The Fresno Bee: by Nadia Lopez; February 15, 2021
A spike in coronavirus-related deaths at a state-run psychiatric hospital in Fresno County has angered and alarmed patients, who blame hospital staff for a massive outbreak that infected hundreds and killed more than a dozen patients over the past six months.
One patient who spoke with The Bee said he struggled to bring attention to the outbreak at Coalinga State Hospital in Fresno County. He said he’s been “ignored” and “neglected” for one simple reason — most of the patients in Coalinga are rapists, child molesters, and sexually violent predators.
“I screamed my head off. It’s ridiculous,” said Sam Consiglio, a 69-year-old convicted violent sex offender. “I’m certain I was ignored. This hospital was really negligent, but I just can’t get anybody to care about these guys because they think of us as the worst of the worst.”
The Coalinga facility has 1,286 beds and treats sexually violent predators, offenders with mental health disorders, and a group of severely disabled people who haven’t committed crimes but represent a danger to themselves or others.
“Nobody cares about sex offenders,” he added.
A total of 20 residents have died, including 18 in the past six months, after testing positive for COVID-19, according to the California Department of State Hospital’s patient data tracker.
Consiglio said hospital staffers refused to follow basic COVID-19 safety standards, like wearing masks and cleaning properly. He suspects uncleaned phones and other items frequently shared by the residents contributed to the spread.
“It really started hitting heavy, and then all hell broke loose after that,” he said. “I think if (the virus) would have been taken more seriously, as far as the cleaning and the masks, we could have saved some of those lives.”
But hospital officials say such claims aren’t true.
Department officials said mask-wearing among staff was “strictly enforced” and that the pandemic had taken a toll on the hospital’s residents just as it had on the population at large. They added that the hospital had and continues to clean “patient care areas” and other locations within the facility frequently.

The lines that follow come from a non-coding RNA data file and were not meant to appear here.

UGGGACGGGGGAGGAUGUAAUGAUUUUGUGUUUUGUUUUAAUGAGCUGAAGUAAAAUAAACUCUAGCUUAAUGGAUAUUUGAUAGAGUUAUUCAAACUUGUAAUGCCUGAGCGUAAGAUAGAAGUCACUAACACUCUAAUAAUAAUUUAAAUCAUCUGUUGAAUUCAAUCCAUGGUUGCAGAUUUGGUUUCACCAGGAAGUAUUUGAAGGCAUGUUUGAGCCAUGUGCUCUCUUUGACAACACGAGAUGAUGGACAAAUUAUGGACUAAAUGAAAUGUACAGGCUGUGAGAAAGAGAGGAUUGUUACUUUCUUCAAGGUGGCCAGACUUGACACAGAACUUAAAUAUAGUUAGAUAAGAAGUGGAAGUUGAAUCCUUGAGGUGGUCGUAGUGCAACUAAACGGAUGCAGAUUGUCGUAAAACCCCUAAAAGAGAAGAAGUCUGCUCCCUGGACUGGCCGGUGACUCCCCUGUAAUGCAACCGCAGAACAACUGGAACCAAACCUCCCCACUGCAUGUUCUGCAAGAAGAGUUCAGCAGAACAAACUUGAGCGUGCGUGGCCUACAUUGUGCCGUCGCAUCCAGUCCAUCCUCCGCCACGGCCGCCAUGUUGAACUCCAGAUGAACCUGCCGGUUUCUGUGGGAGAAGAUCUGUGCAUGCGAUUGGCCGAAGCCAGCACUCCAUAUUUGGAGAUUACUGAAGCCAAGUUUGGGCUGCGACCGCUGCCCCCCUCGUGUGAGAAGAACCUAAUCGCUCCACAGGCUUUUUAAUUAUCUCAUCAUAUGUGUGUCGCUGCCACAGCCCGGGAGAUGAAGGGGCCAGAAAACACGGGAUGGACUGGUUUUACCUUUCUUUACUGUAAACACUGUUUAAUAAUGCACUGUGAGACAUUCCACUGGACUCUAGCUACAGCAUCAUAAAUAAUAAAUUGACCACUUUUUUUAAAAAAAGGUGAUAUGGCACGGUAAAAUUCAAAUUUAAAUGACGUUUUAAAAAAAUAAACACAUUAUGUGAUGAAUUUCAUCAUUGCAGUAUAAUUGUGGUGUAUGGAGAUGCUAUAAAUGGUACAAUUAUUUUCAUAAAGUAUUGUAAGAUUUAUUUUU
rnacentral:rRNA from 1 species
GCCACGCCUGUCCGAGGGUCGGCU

“Similar to the surge in the number of COVID-19 cases and deaths experienced overall in California in recent months, Coalinga State Hospital also experienced a rise in cases and deaths during this time,” department spokesman Ken August said.
However, the hospital hasn’t explained the winter outbreak, which was among the worst in the state’s five psychiatric facilities. At least 491 patients as of last week tested positive for the virus — the second-highest tally yet recorded behind Patton State Psychiatric Hospital in San Bernardino County.
The hospital employs 2,285 people, ranging from psychiatrists, psychiatric technicians, and nurses to groundskeepers and maintenance workers.
A total of 404 employees have tested positive for COVID-19 since the pandemic began.
Since the patients are not allowed to leave, many of them said staff brought the virus into the hospital. Consiglio said employees continued to move through different units despite the number of rising infections.
In August, just two patients had died from COVID-19 complications. Since then, 18 additional deaths have been reported. In six months, the number of infections skyrocketed to 491. Just 28 patients tested positive for COVID-19 at the hospital in July, a department spokesperson confirmed.
The numbers began to climb significantly in early December when the hospital reported 180 total cases and about 11 deaths among patients, according to a Department of State Hospitals email. Officials said the number of infections spiked to 315 cases a month later, on Jan. 4. Though deaths also jumped past 11 during that time, officials declined to comment on the exact number.
“While even one death of a patient due to COVID-19 is too many, it’s important to remember that the COVID-19 pandemic is the greatest public health challenge facing state hospitals, other health care facilities, and California in a century,” he said.
The hospitals regularly test employees, place patients who have tested positive in isolation spaces, and hold new arrivals in observation units for testing, among other measures, according to the Department of State Hospitals website. All patients are also provided masks and encouraged to wear them, August said.
About 16% of the patient population in California’s state-run hospitals are individuals 65 or older, while 64.6% of residents have at least one medical risk factor that makes them high-risk.
In January, the hospitals started vaccinating patients and staff.
A total of 1,164 – about 90% – of patients at the Coalinga hospital had been vaccinated with the first dose as of Monday. Of those employed, 1,959, or about 85% of all staff members, had received their first dose of the vaccine, department data shows.